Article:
A singing yellowhammer makes me stop the car in a lay-by above the village of Ilston. The lovely song sends a chill down my spine, it’s part of my soul, and their demise saddens me beyond words. July is the best month for them, and there are still a few left breeding on Gower cliffs and commons.
It’s been hot of late, and already some grasses are turning brown. Gower commons are never completely green. By mid-July, grasses and bracken are greening, but as the weather warms, carpets of browning grass seeds appear, mixing with swaths of dancing cotton; it’s as though high summer is never able to get a grip on the land. Cattle sit chewing cud, some in the centre of the road, and all ignoring the traffic slowing down to a crawl. Ponies too gather by the roadside, but there are no sheep, they’ve probably been transported to far away pastures for the summer, or perhaps they’re in nearby fields hidden by high verdant hedges.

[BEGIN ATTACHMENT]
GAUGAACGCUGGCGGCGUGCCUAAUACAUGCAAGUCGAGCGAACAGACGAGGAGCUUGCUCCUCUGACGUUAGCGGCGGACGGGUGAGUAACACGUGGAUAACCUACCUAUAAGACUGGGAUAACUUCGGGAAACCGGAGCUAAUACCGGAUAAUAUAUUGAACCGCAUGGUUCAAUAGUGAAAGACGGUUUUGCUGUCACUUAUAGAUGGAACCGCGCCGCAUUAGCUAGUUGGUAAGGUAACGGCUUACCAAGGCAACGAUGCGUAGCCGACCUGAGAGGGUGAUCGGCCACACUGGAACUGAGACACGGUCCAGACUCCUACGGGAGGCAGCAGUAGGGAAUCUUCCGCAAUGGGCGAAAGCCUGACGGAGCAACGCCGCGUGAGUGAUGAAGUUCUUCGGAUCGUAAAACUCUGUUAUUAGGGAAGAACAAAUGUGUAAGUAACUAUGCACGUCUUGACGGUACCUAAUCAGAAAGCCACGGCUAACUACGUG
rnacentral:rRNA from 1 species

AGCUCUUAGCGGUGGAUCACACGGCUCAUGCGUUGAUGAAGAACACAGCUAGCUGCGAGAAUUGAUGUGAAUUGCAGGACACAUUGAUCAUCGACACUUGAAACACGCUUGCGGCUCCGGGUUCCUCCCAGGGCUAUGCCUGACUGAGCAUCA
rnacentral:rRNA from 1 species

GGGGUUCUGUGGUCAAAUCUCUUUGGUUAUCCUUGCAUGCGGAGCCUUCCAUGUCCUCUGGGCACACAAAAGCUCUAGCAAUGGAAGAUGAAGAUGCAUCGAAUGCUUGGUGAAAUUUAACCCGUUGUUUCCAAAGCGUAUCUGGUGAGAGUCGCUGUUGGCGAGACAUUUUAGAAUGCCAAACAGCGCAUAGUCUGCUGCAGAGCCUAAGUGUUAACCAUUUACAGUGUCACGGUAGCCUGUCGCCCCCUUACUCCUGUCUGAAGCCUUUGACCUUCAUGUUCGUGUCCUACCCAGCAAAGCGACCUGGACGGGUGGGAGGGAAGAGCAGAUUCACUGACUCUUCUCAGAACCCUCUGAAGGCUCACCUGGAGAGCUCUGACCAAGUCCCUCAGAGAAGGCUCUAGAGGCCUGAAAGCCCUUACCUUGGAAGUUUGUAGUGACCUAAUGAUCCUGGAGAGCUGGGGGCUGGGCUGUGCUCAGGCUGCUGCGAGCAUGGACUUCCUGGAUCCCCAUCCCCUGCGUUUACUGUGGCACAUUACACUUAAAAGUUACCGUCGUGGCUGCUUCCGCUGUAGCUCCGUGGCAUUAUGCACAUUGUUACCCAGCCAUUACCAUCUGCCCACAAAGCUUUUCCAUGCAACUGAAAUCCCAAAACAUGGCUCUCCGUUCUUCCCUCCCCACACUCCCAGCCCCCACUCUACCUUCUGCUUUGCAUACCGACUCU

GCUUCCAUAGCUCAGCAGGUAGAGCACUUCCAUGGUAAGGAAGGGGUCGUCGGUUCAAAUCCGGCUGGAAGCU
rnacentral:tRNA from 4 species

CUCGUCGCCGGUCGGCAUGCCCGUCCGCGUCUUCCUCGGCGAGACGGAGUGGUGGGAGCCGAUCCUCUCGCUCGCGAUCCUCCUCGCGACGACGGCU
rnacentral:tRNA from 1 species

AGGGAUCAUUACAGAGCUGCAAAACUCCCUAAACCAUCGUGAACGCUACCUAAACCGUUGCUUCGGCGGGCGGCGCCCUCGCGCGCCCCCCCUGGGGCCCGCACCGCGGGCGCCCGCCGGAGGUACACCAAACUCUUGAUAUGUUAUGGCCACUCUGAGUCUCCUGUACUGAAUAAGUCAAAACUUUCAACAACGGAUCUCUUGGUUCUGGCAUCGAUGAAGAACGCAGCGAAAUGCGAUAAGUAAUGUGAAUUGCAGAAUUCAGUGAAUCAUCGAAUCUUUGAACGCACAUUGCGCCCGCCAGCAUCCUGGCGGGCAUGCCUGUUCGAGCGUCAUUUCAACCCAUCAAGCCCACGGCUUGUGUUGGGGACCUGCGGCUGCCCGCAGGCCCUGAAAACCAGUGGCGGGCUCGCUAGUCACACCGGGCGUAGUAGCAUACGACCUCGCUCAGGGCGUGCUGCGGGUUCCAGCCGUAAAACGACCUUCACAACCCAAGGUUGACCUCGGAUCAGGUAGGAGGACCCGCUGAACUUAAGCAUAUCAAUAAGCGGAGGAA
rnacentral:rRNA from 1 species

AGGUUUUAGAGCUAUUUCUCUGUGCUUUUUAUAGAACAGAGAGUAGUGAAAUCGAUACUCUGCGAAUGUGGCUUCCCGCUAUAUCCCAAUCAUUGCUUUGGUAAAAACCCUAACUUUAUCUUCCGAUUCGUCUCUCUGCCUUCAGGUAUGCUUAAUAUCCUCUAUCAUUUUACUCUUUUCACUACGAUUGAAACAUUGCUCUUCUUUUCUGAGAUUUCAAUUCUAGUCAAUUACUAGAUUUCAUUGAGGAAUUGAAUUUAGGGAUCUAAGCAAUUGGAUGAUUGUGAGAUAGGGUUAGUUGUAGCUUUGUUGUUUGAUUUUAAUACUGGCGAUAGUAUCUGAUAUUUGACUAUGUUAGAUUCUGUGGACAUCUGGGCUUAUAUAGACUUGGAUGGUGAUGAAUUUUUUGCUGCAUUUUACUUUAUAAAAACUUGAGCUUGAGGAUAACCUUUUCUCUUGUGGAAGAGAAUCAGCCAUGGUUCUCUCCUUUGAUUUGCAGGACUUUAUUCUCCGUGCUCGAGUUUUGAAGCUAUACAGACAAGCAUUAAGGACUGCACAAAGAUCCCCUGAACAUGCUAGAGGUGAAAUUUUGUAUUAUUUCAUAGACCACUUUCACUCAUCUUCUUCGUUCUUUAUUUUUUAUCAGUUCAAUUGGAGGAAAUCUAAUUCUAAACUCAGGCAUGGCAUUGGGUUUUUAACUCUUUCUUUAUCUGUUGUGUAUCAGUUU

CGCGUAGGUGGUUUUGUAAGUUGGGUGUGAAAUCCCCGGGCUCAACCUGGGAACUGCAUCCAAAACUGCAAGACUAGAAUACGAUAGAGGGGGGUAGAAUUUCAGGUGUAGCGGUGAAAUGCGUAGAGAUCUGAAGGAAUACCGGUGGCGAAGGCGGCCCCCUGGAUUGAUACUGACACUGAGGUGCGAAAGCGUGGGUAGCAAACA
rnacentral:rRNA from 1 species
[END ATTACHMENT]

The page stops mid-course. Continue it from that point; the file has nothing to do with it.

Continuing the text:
I look for butterflies and find only meadow browns. I’d earlier walked through the wood from Ilston Church to Parkmill, and here too butterflies were rare, with just a couple of speckled woods in a sunny glade, and some meadow browns in the churchyard. It will take more than a spell of hot weather to redress the balance.